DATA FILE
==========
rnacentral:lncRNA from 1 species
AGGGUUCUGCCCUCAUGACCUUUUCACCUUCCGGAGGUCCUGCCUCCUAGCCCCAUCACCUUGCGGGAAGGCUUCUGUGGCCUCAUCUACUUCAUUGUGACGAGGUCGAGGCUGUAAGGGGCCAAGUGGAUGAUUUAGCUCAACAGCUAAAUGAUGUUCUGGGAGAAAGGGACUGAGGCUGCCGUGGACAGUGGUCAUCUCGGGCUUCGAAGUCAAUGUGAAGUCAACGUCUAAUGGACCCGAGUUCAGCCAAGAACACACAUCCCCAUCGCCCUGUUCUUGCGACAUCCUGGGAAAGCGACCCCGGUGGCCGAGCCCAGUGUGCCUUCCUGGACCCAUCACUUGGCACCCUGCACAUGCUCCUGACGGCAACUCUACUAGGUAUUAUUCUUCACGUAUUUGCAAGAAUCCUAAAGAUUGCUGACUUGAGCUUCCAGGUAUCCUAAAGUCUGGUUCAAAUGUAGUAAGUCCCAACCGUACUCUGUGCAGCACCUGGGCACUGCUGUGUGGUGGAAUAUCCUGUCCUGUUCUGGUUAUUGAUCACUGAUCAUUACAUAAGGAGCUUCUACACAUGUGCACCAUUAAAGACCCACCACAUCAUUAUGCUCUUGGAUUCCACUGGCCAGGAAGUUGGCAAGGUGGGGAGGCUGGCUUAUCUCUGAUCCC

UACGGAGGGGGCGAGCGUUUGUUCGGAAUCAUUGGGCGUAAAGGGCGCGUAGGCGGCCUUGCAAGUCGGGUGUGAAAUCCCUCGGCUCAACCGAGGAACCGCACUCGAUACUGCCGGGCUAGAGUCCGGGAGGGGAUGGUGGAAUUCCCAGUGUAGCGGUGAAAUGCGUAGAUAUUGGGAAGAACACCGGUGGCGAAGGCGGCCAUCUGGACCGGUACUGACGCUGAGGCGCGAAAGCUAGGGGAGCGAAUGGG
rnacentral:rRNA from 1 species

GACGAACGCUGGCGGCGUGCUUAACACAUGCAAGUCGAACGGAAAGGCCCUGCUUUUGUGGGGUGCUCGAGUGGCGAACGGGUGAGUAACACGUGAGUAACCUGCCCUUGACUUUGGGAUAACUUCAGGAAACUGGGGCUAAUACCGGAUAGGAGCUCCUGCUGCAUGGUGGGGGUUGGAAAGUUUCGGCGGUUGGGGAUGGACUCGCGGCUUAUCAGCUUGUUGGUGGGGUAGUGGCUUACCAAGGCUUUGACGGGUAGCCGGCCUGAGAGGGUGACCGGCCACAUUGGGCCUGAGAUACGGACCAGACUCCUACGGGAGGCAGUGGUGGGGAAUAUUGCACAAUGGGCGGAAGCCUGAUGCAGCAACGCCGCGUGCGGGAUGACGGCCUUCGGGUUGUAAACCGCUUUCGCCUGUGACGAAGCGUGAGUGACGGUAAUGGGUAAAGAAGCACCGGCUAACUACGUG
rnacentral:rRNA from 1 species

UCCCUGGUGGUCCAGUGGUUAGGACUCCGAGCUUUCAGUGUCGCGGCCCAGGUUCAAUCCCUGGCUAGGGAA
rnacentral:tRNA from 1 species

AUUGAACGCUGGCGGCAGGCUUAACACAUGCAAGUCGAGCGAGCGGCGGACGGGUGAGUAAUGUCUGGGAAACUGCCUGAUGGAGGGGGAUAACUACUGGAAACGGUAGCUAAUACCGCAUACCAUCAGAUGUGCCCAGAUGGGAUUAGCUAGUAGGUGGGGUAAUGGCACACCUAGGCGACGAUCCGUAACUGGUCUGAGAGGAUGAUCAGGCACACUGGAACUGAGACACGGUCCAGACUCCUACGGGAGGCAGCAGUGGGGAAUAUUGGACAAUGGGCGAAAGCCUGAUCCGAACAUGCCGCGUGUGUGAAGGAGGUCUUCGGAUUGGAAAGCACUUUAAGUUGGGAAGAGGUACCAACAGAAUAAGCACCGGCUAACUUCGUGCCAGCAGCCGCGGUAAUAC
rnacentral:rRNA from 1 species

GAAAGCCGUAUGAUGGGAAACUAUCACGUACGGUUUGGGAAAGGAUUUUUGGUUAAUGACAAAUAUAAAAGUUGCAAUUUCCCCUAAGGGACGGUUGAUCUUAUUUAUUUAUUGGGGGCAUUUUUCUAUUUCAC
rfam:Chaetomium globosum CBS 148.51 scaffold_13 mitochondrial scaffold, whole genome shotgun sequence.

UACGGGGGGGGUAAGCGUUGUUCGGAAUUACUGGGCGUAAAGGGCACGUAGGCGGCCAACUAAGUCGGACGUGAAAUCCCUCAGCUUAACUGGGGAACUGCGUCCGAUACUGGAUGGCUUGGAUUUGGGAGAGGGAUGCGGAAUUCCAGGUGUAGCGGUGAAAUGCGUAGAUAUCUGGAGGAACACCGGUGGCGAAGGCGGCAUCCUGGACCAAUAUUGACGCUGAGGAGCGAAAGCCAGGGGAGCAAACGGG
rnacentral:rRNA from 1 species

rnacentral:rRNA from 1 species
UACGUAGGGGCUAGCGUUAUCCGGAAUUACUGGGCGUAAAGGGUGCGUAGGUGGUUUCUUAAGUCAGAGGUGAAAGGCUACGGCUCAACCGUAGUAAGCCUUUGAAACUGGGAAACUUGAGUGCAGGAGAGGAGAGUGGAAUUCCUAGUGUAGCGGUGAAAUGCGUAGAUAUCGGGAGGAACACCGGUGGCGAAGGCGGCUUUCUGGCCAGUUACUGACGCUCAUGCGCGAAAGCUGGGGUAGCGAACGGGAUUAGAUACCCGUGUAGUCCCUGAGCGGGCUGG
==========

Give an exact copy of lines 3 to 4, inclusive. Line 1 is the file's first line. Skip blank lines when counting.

UACGGAGGGGGCGAGCGUUUGUUCGGAAUCAUUGGGCGUAAAGGGCGCGUAGGCGGCCUUGCAAGUCGGGUGUGAAAUCCCUCGGCUCAACCGAGGAACCGCACUCGAUACUGCCGGGCUAGAGUCCGGGAGGGGAUGGUGGAAUUCCCAGUGUAGCGGUGAAAUGCGUAGAUAUUGGGAAGAACACCGGUGGCGAAGGCGGCCAUCUGGACCGGUACUGACGCUGAGGCGCGAAAGCUAGGGGAGCGAAUGGG
rnacentral:rRNA from 1 species